Cash is tight for many people out there, and as a result, building a minitruck isn’t quite as easy as it used to be. Sponsors aren’t kicking down as much as they used to, it’s harder to save up for parts, and overall, it’s just tougher to make that buck to begin with. Sometimes you have to make some magic happen to build the truck of your dreams.
Take Patrick Looney for example. He’s built quite a few trucks since he started at the tender age of 15. With the influence of his friend Jimmy Cox, Patrick tore into a ’92 Toyota and a few other trucks, learning a lot about how things work in the process. Unfortunately, Jimmy would die just after his own truck was bodydropped, leaving Patrick with a hole in his heart from the loss of his good friend. He knew he wanted to build something special that he could use to honor the passing of his buddy, but the S-10 he was driving at the time was just too common. He needed something different; something unlike anything seen around town. That’s where the horse-trading comes into play.
Sometimes you have to make some magic happen to build the truck of your dreams.
One of Patrick’s friends, Justin Wyatt, had this ’88 Mitsubishi that he built with his father Tom. It was bridged and bagged—not too crazy, but it was a good start for sure. After doing some haggling back and forth, Patrick and Wyatt exchanged paperwork, leaving Wyatt with the S-10 and Patrick with a big grin on his face. After two weeks of driving the Mitsu around town, he tore it all down and started building it back up.
It started with the bodydrop, a simple 4-inch jobber that turned into a smoother firewall and a right-hand drive conversion. Wait—what? The snowball effect hit Patrick hard, and soon the truck also sported a longbed conversion (an option that Mitsubishi never offered here in the states), a dashboard from a ’55 Chevy and a ton of custom metal work. After a trip to Shroom’s Custom Air for a paint job that incorporated a ton of little custom nods to his friends, family, and of course, Jimmy Cox, the truck was good to go.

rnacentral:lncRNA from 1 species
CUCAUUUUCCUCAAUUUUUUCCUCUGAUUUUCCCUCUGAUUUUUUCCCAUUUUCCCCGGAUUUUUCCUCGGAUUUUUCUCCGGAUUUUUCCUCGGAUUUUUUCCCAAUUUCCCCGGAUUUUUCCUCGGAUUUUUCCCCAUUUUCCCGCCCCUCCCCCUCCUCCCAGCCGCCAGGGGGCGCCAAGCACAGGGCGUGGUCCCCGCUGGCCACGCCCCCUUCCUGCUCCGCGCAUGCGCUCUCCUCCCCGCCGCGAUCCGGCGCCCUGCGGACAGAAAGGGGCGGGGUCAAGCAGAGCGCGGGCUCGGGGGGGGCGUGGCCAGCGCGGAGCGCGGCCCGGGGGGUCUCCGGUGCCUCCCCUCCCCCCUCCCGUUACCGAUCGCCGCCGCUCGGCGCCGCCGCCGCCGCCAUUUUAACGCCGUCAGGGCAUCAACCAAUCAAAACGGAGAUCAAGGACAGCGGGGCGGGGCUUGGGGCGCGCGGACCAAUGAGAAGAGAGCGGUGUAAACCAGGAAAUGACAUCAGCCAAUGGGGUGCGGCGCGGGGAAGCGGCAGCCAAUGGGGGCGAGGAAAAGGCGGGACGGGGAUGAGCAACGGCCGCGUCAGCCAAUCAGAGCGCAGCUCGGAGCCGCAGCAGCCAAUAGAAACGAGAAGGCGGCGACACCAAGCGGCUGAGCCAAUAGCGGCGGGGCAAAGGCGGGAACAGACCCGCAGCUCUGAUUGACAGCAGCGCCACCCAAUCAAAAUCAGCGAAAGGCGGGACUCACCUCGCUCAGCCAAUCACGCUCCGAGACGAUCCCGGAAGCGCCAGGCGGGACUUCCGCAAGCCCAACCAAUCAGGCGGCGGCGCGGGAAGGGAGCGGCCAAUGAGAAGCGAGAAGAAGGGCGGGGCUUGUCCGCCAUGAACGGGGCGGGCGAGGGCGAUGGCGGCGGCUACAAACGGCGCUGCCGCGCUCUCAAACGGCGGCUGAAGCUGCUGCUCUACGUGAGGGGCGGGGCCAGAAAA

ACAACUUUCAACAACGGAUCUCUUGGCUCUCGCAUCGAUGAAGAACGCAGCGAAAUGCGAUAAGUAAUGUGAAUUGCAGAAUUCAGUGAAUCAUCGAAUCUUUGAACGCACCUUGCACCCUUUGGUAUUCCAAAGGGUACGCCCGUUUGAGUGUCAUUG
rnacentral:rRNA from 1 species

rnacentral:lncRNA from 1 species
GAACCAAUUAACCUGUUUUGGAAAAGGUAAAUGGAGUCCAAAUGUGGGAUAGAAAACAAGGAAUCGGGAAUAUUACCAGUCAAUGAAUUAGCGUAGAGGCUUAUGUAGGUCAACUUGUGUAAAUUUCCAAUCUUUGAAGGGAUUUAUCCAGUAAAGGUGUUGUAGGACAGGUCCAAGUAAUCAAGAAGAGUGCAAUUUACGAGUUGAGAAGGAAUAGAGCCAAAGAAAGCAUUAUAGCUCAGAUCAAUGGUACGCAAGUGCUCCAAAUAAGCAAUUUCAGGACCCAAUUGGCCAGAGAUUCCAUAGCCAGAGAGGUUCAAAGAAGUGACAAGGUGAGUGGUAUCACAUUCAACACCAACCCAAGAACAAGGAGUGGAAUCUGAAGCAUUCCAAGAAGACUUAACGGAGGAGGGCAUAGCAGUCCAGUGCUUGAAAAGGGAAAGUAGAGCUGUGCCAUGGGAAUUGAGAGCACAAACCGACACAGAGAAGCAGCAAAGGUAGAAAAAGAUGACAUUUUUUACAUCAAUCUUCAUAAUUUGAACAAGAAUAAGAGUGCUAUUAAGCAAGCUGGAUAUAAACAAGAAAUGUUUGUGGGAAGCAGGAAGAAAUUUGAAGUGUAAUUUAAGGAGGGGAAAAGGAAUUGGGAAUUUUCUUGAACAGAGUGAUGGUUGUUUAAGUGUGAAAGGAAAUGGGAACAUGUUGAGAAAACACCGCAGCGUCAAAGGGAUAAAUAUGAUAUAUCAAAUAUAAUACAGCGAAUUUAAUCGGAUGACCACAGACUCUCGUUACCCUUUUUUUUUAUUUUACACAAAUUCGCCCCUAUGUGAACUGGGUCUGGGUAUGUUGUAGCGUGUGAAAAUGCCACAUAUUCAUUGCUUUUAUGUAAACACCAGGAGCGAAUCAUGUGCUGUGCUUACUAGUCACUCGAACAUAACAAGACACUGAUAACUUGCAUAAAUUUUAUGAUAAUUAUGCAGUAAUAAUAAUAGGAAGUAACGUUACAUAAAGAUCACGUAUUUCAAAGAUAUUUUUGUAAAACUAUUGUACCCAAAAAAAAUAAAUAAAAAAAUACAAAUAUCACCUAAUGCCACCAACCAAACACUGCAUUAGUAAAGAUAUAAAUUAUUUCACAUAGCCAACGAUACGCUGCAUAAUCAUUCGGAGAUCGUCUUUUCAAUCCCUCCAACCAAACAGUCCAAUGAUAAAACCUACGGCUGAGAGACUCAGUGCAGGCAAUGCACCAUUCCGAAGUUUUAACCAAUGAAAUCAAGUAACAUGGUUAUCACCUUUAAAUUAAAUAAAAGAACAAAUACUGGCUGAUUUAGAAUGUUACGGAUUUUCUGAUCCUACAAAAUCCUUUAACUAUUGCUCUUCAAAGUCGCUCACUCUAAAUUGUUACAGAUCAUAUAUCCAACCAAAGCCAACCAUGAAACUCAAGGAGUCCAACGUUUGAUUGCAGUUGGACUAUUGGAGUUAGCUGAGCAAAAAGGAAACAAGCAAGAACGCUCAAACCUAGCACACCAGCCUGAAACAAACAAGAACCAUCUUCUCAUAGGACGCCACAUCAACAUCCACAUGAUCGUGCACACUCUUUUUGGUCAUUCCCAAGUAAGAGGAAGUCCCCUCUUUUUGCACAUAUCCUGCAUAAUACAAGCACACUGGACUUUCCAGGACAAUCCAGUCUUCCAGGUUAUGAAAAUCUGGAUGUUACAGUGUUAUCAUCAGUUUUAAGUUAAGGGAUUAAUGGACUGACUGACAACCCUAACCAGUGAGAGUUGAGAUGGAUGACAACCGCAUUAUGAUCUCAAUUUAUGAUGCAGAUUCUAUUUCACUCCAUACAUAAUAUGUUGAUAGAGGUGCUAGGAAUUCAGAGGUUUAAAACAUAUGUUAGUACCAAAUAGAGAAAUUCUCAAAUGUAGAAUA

So what have we learned here today? Money’s tight, sure. But by making a few choice decisions, doing some of the work yourself, and picking a vehicle that demands attention, you can build yourself a pretty sweet ride just like Patrick’s. You just might have to trade a few horses to do it.
Wheels: 20x8.5-inch Pro Twisted Killer with push-on spike lug covers
Tires: 245/30ZR 20 Wanli
Suspension (front): Five-lug Toyota front hubs, steering swapped for right-hand drive conversion, Slam Specialties RE6 ’bags, 2-inch drop spindles
Suspension (rear): Five-lug Toyota axle swap, four-link, 2600 ContiTech ’bags
Control Arms: Pie-cut stock uppers, triangulated stock lowers
Shocks: GM Gasmatics
Compressor(s): Two Viair 380s
Air/hydro Accessories: Six 3/8-inch SMC valves, 3/8-inch nylon lines, eight-gallon aluminum tank, wireless pressure sending units for gauges
Frame Mods: Custom bridge notch with ’bag brackets and shocks extended for longbed conversion
Misc.: Spun aluminum gas tank, painted and polished accessories, spiked lug nut covers, tucked wiring
Performed By: Justin and Tom Wyatt from The Slam Shack in Bristol, VA
Shaved: Door handles, antenna, cargo light, gas door, tailgate handle
Bodydrop: 4-inch traditional
Bolt-ons: Phantom billet grille, clear corner and bumper lenses, ’94 Mistubishi front bumper, stock taillights with amber delete
Performed By: Owner, RJ Shelton, Dustin “Cheese” Vinson, and Jason Miles from Shroom’s Custom Air
Brand & Colors: Mitsubishi charcoal and silver, Ford Performance Red
Misc.: Molded roll pan, custom sheetmetal longbed, custom firewall, rolled pinch molding, custom airbrushing in stripe with the name and birthdate of owner’s daughter, scissors for his wife, cancer ribbon for his mother in law, and “In Memory of Jimmy Cox” in the tailgate with skulls
Performed By: Shroom’s Custom Air, Brad Vanover, and owner
Seats: Geo Storm seats with headrest delete wrapped in Allegro Garnet
Dash: ’55 Chevrolet Bel Air
Misc.: Sheetmetal console, black carpet, custom wrapped headliner, glow shift gauges with Jeg’s GPS speedometer sender, billet steering wheel, door handles, window cranks, grab bar, air ride switches, shift knob, and pedal covers, Lokar shift ring and boot, custom rear seat, and all pieces painted or wrapped
Performed By: Owner, RJ Shelton, Jason McCracken, and BJ Sams
Head Unit: 7-inch double-din in-dash screen mounted in custom console
Mids & Highs: 5x7 Scosche Industries
Performed By: Owner
Engine: ’88 Mitsubishi 2.0L four-banger
Header/Exhaust: Pace Setter header
Performed By: Owner
“Thanks to my wife—she has supported me in this game for close to seven years, to both our families, Jimmy Cox—fallen but not forgotten, RJ Shelton, Justin Wyatt, Jason McCracken, Brad Vanover, Dustin “Cheese” Vinson, Shroom’s Custom Air, Jonathan Stiltner, Chris Denton, Burrell Images, and anyone else who happened to touch this thing or listen to me rant over the last 1,095-ish days!”